JPCSYSTEMIC PATHOLOGY

RESPIRATORY SYSTEM

October 2017

P-V03 (NP)

 

Signalment (JPC #2359302):  Tissue from a common bottlenose dolphin (Tursiops truncatus)

HISTORY:  Found stranded on the shoreline

HISTOPATHOLOGIC DESCRIPTION: Lung: There is multifocal to coalescing areas of consolidation affecting approximately 40% of the pulmonary parenchyma.  Bronchiolar and alveolar lumina are expanded by an eosinophilic exudate composed of eosinophillic karyorrhectic debris admixed with numerous foamy macrophages, viral syncytial cells, viable and degenerate neutrophils, lymphocytes, plasma cells, fibrin, hemorrhage and edema.  Alveolar septa are expanded by fibrin, edema, increased macrophages and lymphocytes and small amounts of necrotic debris.. Multifocally  alveoli are lined by hyperplastic type II pneumocytes, and bronchiolar epithelium often coalesces to form viral syncytial cells with up to 20 nuclei.  Within bronchiolar epithelial cells, type II pneumocytes, syncytial cells, alveolar macrophages, and rarely fibroblasts are round to oval 2 – 4 um diameter eosinophilic intracytoplasmic and intranuclear viral inclusion bodies.  Multifocally peribronchiolar, perivascular, and subpleural interstitia are expanded up to 5 times normal by increased clear space and ectatic lymphatics (edema). Focally, a bronchiole is marked distended by adult intraluminal metastrongyle nematode, surrounded by sloughed epithelial admixed with eosinophillic karyorrhectic debris. The nematode is 200 um in diameter, has a thick (5-8 um) smooth hyalinized cuticle, polymyarian-coelomyarian musculature, a pseudocoelom, lateral chords, an intestine lined by few multinucleated cells, and reproductive structures. 

MORPHOLOGIC DIAGNOSIS: 1. Lung:  Pneumonia, bronchointerstitial, necrotizing, histiocytic and neutrophilic, subacute, focally extensive, moderate, with type II pneumocyte hyperplasia, viral syncytial cells, eosinophilic intranuclear and intracytoplasmic viral inclusion bodies, bottlenose dolphin (Tursiops truncatus), cetacean

  1. Lung: Intrabronchiolar adult metastrongyle nematode, with minimal neutrophilic and histiocytic inflammation, ­etiology consistent with Halocercus lagenorhynchi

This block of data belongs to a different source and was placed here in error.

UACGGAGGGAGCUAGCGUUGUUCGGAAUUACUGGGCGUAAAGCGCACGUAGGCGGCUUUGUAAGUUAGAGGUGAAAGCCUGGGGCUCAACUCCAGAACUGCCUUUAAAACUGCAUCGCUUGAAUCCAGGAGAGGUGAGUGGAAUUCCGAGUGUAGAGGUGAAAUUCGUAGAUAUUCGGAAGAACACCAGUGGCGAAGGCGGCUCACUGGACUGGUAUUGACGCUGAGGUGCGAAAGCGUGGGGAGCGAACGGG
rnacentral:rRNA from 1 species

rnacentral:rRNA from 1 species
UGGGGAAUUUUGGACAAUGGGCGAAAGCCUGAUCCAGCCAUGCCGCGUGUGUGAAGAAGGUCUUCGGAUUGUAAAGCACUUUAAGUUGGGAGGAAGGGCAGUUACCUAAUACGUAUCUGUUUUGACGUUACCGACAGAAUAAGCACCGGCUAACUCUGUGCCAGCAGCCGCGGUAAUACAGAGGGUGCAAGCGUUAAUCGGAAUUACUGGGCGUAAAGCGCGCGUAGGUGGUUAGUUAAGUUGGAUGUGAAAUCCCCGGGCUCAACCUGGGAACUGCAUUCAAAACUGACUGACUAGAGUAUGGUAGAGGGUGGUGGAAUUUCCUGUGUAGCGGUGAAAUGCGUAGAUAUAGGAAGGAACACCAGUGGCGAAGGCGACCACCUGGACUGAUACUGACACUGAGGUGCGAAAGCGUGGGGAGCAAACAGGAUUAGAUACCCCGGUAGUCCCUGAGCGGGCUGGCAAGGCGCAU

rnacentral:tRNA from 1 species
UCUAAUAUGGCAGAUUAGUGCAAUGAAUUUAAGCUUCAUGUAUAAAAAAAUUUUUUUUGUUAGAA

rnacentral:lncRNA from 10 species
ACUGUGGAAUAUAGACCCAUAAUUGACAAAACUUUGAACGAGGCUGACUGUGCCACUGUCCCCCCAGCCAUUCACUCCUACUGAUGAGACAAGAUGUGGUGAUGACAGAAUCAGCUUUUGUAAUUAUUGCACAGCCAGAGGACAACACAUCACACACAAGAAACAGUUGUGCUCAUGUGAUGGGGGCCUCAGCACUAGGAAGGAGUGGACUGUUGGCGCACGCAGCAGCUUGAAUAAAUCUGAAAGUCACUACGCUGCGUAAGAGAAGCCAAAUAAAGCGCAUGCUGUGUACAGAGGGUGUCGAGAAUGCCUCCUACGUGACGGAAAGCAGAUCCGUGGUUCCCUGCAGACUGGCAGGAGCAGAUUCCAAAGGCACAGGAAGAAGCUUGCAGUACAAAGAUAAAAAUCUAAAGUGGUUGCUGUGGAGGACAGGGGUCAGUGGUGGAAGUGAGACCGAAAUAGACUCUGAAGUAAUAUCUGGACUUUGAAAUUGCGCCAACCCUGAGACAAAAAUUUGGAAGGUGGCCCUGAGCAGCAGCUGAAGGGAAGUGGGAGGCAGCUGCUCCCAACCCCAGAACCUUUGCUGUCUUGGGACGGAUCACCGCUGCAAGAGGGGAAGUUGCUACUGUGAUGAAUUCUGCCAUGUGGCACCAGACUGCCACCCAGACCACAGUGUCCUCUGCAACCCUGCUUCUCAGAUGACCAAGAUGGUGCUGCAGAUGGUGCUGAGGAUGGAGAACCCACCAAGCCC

ETIOLOGIC DIAGNOSIS: Morbilliviral pneumonia

CAUSE:  Dolphin morbillivirus (DMV); cetacean morbillivirus (CeMV); pilot whale morbillivirus

GENERAL DISCUSSION:

PATHOGENESIS:

TYPICAL CLINICAL FINDINGS:

TYPICAL GROSS FINDINGS: 

TYPICAL LIGHT MICROSCOPIC FINDINGS:

ADDITIONAL DIAGNOSTIC TESTS: 

DIFFERENTIAL DIAGNOSIS:

In dolphins, diseases that cause:

COMPARATIVE PATHOLOGY:

References:

  1. Caswell JL, Williams KJ. Respiratory system. In: Maxie MG, ed. Jubb, Kennedy, and Palmer’s Pathology of Domestic Animals. Vol 2. 6th ed.St. Louis, MO: Elsevier; 2016:574-576.
  2. Di Guardo G, Marruchella G, Agrimi U, et al. Morbillivirus infections in aquatic mammals: a brief overview. J Vet Med Assoc. 2005;52(2):88-93.
  3. Di Guardo G. Morbillivirus-host interaction: lessons from aquatic mammals. Front Microbiol. 2012; 3(431): 1-2.
  4. Dold C. Chapter 43 cetacea (whales, dolphins, porpoises). In: Miller RE, et al. Fowler’s Zoo and Wild Animal Medicine, Vol 8. St. Louis, MO: Elsevier; 2015: 427.
  5. Fernandez A, Esperon F, Herraez P, et al. Morbillivirus and pilot whale deaths, Mediterranean Sea. Emerg Infect Dis. 2008;14(5):792-794.
  6. Mazzariol S, Centelleghe C, Di Provvido A, et al. Dolphin morbillivirus associated with a mass stranding of sperm whales, Italy. Emerg Infect Dis. 2017;23(1):144-145.
  7. Van Bressem MF, Duignan PJ, Banyard A, et al. Cetacean Morbillivirus: current knowledge and future directions. 2014; 6:5145-51481
  8. West KL, Levine G, Jacob J, et al. Coinfection and vertical transmission of brucella and morbillivirus in a neonatal sperm whale (Physeter macrocephalus) in Hawaii, USA. J Wildl Dis. 2015; 51(1): 227-232


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